“Sahalee has always been known for its natural beauty and its trees,” says Huesgen. “We’re working on a comprehensive tree management plan that has never been in place here before. We have studied aerial photos of the original course, and our objective is to establish a plan that preserves the integrity and strategy of the original layout.”

Those 8,000 large trees shadowing Sahalee’s 27 holes also impact the facility’s irrigation efforts.

“From a grass-growing perspective, the tree density limits air circulation and sunlight, which can be detrimental to turfgrass health,” notes Huesgen. “If the trees block water, you get a lot of hot spots and wet spots. As we carry out our tree-trimming program, it gives us more uniformity in irrigation and eliminates those hot and wet spots.”

If Sahalee was looking for a tree expert, it certainly found one in Huesgen. The Carmel, Calif., resident was entrusted with finding a replacement for the iconic cypress tree fronting the 18th hole at Pebble Beach after the original landmark tree succumbed to lightning and disease and was taken down in 2002. A year later, Huesgen located a proper replacement and headed the transplant process. Today, a tall, healthy tree stands sentinel, guarding the right-front entry to the 18th green at Pebble Beach — just as its predecessor did for so many years.

A major range upgrade

The practice range tee and turf restoration project conducted at Sahalee was another top priority for Pike and Huesgen when the latter returned to the Pacific Northwest, having spent his college days in Corvallis, Ore. Huesgen had just completed a $10 million renovation project at Poppy Hills, which included a redesign of that facility’s practice range.

“Sahalee had approved and budgeted for synthetic turf on the back of the range tee to allow year-round member practice without destroying our grass tee during the winter months,” explains Pike, a PGA professional since 1986. “Tom had just completed a project at Poppy Hills and had watched Pebble Beach install a new synthetic range tee. Tom put together a whole new design for the range tee with a new company for the synthetic turf. We made the pitch to the board of directors for additional funding, and ultimately built a range tee that is first class and available year-round.”

Sahalee was awarded the 2016 KPMG Women’s PGA Championship just last June, which is a short preparation timetable for a major championship. Sahalee’s immaculate daily playing conditions were a factor in the decision, which is a testament to the working relationship among Pike, Huesgen, Montgomery and their staffs.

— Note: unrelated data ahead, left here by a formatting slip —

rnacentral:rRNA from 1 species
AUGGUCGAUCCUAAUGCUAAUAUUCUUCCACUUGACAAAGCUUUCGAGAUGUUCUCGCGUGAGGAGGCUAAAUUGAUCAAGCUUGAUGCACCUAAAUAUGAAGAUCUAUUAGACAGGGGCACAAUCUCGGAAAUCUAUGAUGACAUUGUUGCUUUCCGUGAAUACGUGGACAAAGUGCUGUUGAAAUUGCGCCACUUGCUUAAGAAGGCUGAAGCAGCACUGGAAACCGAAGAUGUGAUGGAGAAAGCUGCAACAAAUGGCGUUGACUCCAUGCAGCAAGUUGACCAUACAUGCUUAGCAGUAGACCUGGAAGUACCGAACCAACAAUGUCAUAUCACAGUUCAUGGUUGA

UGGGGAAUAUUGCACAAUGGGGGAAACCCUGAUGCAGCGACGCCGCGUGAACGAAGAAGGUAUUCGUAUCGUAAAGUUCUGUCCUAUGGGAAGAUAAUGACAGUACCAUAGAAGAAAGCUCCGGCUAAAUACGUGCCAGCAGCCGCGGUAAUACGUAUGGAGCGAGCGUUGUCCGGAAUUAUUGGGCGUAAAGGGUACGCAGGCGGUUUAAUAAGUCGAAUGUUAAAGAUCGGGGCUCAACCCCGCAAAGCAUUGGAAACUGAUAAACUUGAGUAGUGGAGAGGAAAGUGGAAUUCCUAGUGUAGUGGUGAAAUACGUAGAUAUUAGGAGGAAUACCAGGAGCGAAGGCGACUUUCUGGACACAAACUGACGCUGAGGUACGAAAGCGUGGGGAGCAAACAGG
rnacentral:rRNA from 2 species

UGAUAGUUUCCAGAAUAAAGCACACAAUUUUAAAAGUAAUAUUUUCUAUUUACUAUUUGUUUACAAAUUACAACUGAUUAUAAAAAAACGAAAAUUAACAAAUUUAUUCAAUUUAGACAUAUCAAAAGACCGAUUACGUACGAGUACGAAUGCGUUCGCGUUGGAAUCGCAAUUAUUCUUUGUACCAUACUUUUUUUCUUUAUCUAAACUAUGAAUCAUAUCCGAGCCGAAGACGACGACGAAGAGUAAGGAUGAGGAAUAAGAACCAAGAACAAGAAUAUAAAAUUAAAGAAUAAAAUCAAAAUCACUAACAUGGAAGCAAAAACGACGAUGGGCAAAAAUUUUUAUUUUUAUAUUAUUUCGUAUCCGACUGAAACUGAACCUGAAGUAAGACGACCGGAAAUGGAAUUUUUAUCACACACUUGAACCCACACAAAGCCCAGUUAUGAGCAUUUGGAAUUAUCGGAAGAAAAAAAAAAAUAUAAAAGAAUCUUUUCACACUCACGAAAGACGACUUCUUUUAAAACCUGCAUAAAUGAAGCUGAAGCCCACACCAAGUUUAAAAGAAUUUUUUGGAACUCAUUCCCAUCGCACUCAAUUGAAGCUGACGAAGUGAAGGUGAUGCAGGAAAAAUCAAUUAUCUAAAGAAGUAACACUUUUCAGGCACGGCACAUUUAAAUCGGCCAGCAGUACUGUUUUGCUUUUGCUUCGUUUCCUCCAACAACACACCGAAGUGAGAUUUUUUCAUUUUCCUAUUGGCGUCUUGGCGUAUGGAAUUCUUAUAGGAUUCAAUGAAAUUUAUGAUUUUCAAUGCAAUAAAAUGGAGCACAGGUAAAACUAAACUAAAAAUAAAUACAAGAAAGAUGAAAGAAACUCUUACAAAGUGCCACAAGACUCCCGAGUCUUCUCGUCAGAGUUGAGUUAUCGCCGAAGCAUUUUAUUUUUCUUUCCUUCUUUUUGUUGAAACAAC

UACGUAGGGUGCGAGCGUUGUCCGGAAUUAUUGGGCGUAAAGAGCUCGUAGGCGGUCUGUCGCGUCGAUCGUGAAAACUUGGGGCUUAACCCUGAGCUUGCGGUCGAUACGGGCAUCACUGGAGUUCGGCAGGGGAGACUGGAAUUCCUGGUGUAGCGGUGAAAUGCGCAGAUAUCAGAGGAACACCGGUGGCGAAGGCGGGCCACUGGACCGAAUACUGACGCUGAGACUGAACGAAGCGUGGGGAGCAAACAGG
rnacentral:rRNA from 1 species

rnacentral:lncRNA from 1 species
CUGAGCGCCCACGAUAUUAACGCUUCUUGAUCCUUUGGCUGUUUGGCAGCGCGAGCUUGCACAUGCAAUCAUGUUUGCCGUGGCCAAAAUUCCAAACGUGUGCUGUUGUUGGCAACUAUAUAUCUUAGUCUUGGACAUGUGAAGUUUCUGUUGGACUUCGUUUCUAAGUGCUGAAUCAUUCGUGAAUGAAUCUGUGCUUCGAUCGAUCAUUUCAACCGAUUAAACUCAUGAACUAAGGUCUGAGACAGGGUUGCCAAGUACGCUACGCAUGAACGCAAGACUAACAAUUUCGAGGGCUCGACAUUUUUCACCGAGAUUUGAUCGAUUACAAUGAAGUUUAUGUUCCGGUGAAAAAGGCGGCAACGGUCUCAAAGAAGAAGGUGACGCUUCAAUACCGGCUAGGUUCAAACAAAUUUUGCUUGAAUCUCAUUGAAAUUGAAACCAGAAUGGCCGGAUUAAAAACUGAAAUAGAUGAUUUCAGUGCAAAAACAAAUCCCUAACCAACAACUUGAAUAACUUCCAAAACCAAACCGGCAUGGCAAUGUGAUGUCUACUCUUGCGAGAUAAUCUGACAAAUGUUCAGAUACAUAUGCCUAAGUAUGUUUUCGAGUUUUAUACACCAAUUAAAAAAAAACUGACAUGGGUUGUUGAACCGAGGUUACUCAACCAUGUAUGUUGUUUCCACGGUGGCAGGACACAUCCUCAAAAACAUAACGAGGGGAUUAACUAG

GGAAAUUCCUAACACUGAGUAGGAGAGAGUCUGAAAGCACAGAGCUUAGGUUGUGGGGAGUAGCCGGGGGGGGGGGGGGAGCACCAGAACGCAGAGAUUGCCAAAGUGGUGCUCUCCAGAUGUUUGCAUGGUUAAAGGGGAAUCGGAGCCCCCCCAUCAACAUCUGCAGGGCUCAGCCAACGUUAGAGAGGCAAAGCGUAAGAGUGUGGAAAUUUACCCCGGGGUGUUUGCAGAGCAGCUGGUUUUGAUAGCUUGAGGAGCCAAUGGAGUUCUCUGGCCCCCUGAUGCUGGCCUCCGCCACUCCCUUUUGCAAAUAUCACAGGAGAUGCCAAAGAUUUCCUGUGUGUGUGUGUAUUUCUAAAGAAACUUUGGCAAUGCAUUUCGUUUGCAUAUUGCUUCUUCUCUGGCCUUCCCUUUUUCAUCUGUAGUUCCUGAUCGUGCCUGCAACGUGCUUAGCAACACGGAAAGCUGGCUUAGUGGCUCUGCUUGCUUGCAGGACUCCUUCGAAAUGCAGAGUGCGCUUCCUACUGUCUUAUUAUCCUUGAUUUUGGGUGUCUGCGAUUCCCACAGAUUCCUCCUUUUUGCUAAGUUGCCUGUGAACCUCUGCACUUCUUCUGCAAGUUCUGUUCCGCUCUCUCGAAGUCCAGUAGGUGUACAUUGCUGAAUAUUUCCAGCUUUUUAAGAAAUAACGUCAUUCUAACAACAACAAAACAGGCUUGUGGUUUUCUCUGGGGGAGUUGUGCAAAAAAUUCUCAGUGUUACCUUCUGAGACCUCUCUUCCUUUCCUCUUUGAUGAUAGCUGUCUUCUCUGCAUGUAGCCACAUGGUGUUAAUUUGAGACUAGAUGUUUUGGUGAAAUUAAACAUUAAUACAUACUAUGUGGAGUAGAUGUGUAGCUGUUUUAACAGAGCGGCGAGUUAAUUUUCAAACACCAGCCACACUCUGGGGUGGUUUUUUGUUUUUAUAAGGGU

Tree-mendous teamwork
Sahalee CC is known for its tight, tree-framed fairways and pristine daily playing conditions. Opened in 1969, Sahalee was designed by golf course architect Ted Robinson, and its 27 holes consist of three nine-hole courses. Rees Jones oversaw the redesign and renovations of the bunkers and many prominent features in 1996.

“In preparing for a major championship, I feel the duties and responsibilities are shared, not divided, between the superintendent and general manager,” says Pike, a native of Tacoma, Wash., and a graduate of Brigham Young University. “With all of our championships, I have enjoyed being a part of the planning of the golf course conditions and setup. For the KPMG Championship, I joined Kerry Haigh (PGA chief championships officer) and Tom on the tour of the golf course. I want to know what is being requested of our agronomy team for the upcoming championship so I can support my superintendent.”

Huesgen, who has been involved in staging two U.S. Opens at Pebble Beach and a handful of PGA Tour events, understands that most major championship venues are given five to 10 years to prepare for a major championship.

“That is typical, but fortunately we had already begun our major renovation and improvement projects, so we will be focusing on our normal maintenance programs and completion of the projects already in place,” Huesgen says. “We will spend a lot of time on infrastructure coordination that is necessary to conduct the KPMG Women’s PGA Championship, building new structures to accommodate sponsors and moving spectators seamlessly. Fortunately, we maintain a championship-caliber golf course throughout the year, so we won’t have to make a lot of modifications for this major championship. Sahalee is ready.”

Thanks to the team of Pike and Huesgen and their three C’s, the high heavenly ground of Sahalee Country Club is not only ready for its next major challenge, but is also prepared to provide an impeccable golf experience 365 days a year for the club’s members.

Roger Graves is the senior writer for PGA Magazine.

Filed to: Washington